While the rover still has the rock dust in its instruments, it will take more measurements in the Glenelg area over the next few weeks . "Before we start our trek to Mount Sharp, we want to follow up on what we've already seen," said Crisp.
For instance, Curiosity will take measurements of some cross-bedded rock that scientists suspect might have been formed by stream deposits. By studying the geometry of the layers, they hope to discover what direction the water was flowing, as well as how deep it was.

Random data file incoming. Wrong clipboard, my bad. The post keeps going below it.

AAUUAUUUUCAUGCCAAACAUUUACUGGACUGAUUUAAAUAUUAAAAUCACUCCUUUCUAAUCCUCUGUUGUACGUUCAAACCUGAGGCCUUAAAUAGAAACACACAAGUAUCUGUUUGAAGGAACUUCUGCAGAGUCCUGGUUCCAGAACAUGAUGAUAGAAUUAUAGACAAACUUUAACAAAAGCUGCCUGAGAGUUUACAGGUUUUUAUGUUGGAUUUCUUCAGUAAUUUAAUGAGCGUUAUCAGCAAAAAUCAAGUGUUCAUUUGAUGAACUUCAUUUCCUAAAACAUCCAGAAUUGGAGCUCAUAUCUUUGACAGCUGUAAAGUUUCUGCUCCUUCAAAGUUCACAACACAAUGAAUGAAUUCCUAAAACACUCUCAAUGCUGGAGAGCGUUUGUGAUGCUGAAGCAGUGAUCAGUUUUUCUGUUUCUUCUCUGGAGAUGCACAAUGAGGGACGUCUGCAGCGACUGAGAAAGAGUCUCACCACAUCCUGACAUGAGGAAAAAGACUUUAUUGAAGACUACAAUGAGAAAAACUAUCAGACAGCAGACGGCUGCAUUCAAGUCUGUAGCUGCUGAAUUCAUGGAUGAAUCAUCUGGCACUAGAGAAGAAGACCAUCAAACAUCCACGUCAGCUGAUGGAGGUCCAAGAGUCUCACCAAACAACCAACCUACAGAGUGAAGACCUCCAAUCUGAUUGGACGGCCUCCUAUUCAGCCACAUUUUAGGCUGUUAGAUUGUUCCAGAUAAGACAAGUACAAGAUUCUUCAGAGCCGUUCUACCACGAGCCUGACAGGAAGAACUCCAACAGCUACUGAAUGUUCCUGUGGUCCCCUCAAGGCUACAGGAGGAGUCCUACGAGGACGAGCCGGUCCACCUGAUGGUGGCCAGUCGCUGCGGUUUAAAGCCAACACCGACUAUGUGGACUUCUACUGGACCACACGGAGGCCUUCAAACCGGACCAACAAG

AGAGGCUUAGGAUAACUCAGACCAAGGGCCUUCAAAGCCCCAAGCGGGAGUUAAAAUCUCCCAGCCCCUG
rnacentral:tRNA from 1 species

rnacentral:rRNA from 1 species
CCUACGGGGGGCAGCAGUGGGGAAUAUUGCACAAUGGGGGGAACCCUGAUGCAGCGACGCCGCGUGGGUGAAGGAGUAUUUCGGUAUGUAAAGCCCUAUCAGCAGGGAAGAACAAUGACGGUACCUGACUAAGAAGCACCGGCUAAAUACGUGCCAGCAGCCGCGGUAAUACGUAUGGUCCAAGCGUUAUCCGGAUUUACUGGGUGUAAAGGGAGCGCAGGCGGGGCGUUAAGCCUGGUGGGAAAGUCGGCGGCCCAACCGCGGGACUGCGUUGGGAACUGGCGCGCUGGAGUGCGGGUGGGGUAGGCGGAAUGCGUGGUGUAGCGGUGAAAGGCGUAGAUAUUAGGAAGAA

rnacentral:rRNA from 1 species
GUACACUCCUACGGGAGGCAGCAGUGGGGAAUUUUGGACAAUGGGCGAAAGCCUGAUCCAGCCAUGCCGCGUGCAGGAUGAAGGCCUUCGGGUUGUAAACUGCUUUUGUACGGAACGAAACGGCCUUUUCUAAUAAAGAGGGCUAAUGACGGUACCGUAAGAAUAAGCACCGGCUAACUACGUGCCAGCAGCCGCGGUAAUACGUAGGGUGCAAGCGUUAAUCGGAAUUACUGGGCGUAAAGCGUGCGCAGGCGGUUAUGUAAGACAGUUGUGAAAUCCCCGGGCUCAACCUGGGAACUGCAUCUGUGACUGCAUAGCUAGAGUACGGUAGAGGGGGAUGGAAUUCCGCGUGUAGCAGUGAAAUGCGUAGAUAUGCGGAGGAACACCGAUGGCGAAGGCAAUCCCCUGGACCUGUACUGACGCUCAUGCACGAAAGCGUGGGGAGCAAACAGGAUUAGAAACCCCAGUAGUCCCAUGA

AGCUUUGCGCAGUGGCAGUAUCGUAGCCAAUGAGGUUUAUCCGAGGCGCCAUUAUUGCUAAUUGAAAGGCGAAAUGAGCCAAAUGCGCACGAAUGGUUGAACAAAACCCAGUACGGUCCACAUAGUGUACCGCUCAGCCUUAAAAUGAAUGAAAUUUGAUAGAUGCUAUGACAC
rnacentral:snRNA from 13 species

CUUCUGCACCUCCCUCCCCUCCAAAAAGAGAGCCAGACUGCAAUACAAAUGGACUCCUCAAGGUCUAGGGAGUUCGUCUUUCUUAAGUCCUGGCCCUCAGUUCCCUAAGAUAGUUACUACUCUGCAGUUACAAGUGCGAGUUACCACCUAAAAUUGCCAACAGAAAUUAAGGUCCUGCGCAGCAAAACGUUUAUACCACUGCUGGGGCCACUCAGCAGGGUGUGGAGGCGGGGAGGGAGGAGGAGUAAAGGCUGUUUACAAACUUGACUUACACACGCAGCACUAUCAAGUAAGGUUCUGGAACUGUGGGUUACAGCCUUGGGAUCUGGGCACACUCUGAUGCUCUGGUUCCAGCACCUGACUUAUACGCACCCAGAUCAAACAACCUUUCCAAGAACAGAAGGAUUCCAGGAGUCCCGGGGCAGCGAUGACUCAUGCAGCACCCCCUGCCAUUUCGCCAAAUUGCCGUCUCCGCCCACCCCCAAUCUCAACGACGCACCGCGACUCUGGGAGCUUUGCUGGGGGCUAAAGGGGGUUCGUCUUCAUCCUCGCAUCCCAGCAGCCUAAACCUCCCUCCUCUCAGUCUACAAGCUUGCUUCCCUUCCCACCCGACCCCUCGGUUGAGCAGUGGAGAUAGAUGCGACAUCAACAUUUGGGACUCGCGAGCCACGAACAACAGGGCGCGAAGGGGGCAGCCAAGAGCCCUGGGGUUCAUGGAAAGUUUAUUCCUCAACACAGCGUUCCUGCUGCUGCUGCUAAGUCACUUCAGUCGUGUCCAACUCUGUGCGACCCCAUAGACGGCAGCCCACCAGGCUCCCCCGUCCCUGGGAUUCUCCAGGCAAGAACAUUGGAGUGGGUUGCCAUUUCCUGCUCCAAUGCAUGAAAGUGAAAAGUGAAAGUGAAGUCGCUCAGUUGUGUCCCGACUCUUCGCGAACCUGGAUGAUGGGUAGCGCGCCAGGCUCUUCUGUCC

While Curiosity is busy taking measurements, NASA scientists will be plotting its route to Mount Sharp, looking for interesting terrain that is not steep enough to cause the rover any trouble.
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